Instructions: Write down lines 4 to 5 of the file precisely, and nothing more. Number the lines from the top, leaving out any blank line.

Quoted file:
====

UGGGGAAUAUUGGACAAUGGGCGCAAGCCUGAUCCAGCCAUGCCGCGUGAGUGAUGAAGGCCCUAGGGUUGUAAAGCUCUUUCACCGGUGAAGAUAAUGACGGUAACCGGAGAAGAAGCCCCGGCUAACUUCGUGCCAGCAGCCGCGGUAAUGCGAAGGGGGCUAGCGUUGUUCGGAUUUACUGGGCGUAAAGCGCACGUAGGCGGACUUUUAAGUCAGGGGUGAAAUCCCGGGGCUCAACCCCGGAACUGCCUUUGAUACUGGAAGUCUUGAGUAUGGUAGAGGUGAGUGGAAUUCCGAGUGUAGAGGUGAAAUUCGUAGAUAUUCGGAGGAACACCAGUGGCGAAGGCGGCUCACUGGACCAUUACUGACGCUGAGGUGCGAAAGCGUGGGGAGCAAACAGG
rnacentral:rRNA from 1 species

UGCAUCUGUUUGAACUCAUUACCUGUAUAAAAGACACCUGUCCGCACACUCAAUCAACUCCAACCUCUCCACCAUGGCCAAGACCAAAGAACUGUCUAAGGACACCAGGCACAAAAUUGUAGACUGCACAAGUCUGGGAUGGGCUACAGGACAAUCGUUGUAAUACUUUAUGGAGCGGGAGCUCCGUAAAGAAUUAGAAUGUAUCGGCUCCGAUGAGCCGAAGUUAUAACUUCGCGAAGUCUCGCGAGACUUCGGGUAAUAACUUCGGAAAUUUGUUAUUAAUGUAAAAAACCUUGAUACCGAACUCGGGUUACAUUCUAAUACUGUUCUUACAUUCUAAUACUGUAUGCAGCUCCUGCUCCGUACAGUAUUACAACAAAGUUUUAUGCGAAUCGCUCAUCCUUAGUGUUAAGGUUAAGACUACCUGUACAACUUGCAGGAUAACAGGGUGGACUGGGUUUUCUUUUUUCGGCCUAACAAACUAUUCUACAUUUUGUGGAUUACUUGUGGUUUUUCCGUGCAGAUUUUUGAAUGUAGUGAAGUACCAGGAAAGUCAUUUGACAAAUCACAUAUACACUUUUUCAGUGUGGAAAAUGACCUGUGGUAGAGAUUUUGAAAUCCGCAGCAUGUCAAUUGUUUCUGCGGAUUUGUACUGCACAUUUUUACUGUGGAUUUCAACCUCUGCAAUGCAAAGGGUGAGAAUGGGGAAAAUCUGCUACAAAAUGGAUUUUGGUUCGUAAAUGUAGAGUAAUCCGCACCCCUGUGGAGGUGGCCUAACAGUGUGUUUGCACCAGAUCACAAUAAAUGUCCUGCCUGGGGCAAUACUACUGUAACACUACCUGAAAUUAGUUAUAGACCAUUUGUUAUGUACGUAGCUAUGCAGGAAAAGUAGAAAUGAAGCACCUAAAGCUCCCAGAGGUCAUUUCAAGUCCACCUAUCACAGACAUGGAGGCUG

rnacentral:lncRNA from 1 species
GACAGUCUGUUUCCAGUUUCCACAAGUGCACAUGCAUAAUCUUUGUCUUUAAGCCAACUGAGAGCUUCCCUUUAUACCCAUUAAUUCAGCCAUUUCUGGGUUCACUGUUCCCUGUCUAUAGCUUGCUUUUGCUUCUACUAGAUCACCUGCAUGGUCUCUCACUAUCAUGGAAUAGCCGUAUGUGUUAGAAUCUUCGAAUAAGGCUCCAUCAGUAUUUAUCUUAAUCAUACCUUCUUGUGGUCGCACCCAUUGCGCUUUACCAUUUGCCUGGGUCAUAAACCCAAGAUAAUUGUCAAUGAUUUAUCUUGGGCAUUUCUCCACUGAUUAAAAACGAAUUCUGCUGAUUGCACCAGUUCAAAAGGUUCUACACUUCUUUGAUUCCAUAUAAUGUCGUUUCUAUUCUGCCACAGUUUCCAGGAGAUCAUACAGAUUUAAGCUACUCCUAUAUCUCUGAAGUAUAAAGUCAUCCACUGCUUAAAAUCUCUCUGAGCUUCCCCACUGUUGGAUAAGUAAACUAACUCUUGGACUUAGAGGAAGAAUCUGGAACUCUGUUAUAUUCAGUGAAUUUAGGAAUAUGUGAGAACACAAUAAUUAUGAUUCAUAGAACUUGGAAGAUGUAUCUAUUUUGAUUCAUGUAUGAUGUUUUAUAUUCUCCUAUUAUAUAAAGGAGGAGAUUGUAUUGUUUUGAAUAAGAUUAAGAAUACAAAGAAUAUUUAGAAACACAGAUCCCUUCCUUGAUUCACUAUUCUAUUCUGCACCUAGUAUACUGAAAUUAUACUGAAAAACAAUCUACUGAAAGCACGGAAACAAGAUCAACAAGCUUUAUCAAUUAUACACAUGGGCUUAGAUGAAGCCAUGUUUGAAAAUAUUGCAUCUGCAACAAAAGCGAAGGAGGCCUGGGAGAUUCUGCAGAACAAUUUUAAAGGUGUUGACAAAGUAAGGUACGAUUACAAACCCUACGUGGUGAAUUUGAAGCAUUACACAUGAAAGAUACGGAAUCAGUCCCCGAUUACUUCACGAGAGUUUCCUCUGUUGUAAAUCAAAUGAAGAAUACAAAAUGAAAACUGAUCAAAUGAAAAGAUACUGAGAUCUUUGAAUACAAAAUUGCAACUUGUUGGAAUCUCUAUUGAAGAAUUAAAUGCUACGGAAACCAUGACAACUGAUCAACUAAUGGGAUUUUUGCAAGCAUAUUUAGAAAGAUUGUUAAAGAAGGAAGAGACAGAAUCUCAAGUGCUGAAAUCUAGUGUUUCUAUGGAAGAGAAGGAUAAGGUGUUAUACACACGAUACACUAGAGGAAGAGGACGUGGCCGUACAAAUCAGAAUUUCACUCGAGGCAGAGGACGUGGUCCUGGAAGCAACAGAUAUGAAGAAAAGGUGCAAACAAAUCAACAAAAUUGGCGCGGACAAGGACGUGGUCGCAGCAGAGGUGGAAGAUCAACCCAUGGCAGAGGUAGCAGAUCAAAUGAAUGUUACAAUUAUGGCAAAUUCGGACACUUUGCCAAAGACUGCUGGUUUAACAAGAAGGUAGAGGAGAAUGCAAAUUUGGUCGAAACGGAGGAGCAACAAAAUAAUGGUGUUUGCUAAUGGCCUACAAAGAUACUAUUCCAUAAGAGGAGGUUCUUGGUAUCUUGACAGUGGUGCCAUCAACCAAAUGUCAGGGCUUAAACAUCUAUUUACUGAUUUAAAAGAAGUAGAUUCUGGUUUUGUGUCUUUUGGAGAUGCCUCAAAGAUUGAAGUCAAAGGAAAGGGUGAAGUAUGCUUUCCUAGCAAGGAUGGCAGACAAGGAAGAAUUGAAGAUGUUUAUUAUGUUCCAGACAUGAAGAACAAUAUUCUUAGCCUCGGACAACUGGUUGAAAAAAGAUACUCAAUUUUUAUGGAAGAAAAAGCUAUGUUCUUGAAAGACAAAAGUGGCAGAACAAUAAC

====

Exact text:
rnacentral:lncRNA from 1 species
GACAGUCUGUUUCCAGUUUCCACAAGUGCACAUGCAUAAUCUUUGUCUUUAAGCCAACUGAGAGCUUCCCUUUAUACCCAUUAAUUCAGCCAUUUCUGGGUUCACUGUUCCCUGUCUAUAGCUUGCUUUUGCUUCUACUAGAUCACCUGCAUGGUCUCUCACUAUCAUGGAAUAGCCGUAUGUGUUAGAAUCUUCGAAUAAGGCUCCAUCAGUAUUUAUCUUAAUCAUACCUUCUUGUGGUCGCACCCAUUGCGCUUUACCAUUUGCCUGGGUCAUAAACCCAAGAUAAUUGUCAAUGAUUUAUCUUGGGCAUUUCUCCACUGAUUAAAAACGAAUUCUGCUGAUUGCACCAGUUCAAAAGGUUCUACACUUCUUUGAUUCCAUAUAAUGUCGUUUCUAUUCUGCCACAGUUUCCAGGAGAUCAUACAGAUUUAAGCUACUCCUAUAUCUCUGAAGUAUAAAGUCAUCCACUGCUUAAAAUCUCUCUGAGCUUCCCCACUGUUGGAUAAGUAAACUAACUCUUGGACUUAGAGGAAGAAUCUGGAACUCUGUUAUAUUCAGUGAAUUUAGGAAUAUGUGAGAACACAAUAAUUAUGAUUCAUAGAACUUGGAAGAUGUAUCUAUUUUGAUUCAUGUAUGAUGUUUUAUAUUCUCCUAUUAUAUAAAGGAGGAGAUUGUAUUGUUUUGAAUAAGAUUAAGAAUACAAAGAAUAUUUAGAAACACAGAUCCCUUCCUUGAUUCACUAUUCUAUUCUGCACCUAGUAUACUGAAAUUAUACUGAAAAACAAUCUACUGAAAGCACGGAAACAAGAUCAACAAGCUUUAUCAAUUAUACACAUGGGCUUAGAUGAAGCCAUGUUUGAAAAUAUUGCAUCUGCAACAAAAGCGAAGGAGGCCUGGGAGAUUCUGCAGAACAAUUUUAAAGGUGUUGACAAAGUAAGGUACGAUUACAAACCCUACGUGGUGAAUUUGAAGCAUUACACAUGAAAGAUACGGAAUCAGUCCCCGAUUACUUCACGAGAGUUUCCUCUGUUGUAAAUCAAAUGAAGAAUACAAAAUGAAAACUGAUCAAAUGAAAAGAUACUGAGAUCUUUGAAUACAAAAUUGCAACUUGUUGGAAUCUCUAUUGAAGAAUUAAAUGCUACGGAAACCAUGACAACUGAUCAACUAAUGGGAUUUUUGCAAGCAUAUUUAGAAAGAUUGUUAAAGAAGGAAGAGACAGAAUCUCAAGUGCUGAAAUCUAGUGUUUCUAUGGAAGAGAAGGAUAAGGUGUUAUACACACGAUACACUAGAGGAAGAGGACGUGGCCGUACAAAUCAGAAUUUCACUCGAGGCAGAGGACGUGGUCCUGGAAGCAACAGAUAUGAAGAAAAGGUGCAAACAAAUCAACAAAAUUGGCGCGGACAAGGACGUGGUCGCAGCAGAGGUGGAAGAUCAACCCAUGGCAGAGGUAGCAGAUCAAAUGAAUGUUACAAUUAUGGCAAAUUCGGACACUUUGCCAAAGACUGCUGGUUUAACAAGAAGGUAGAGGAGAAUGCAAAUUUGGUCGAAACGGAGGAGCAACAAAAUAAUGGUGUUUGCUAAUGGCCUACAAAGAUACUAUUCCAUAAGAGGAGGUUCUUGGUAUCUUGACAGUGGUGCCAUCAACCAAAUGUCAGGGCUUAAACAUCUAUUUACUGAUUUAAAAGAAGUAGAUUCUGGUUUUGUGUCUUUUGGAGAUGCCUCAAAGAUUGAAGUCAAAGGAAAGGGUGAAGUAUGCUUUCCUAGCAAGGAUGGCAGACAAGGAAGAAUUGAAGAUGUUUAUUAUGUUCCAGACAUGAAGAACAAUAUUCUUAGCCUCGGACAACUGGUUGAAAAAAGAUACUCAAUUUUUAUGGAAGAAAAAGCUAUGUUCUUGAAAGACAAAAGUGGCAGAACAAUAAC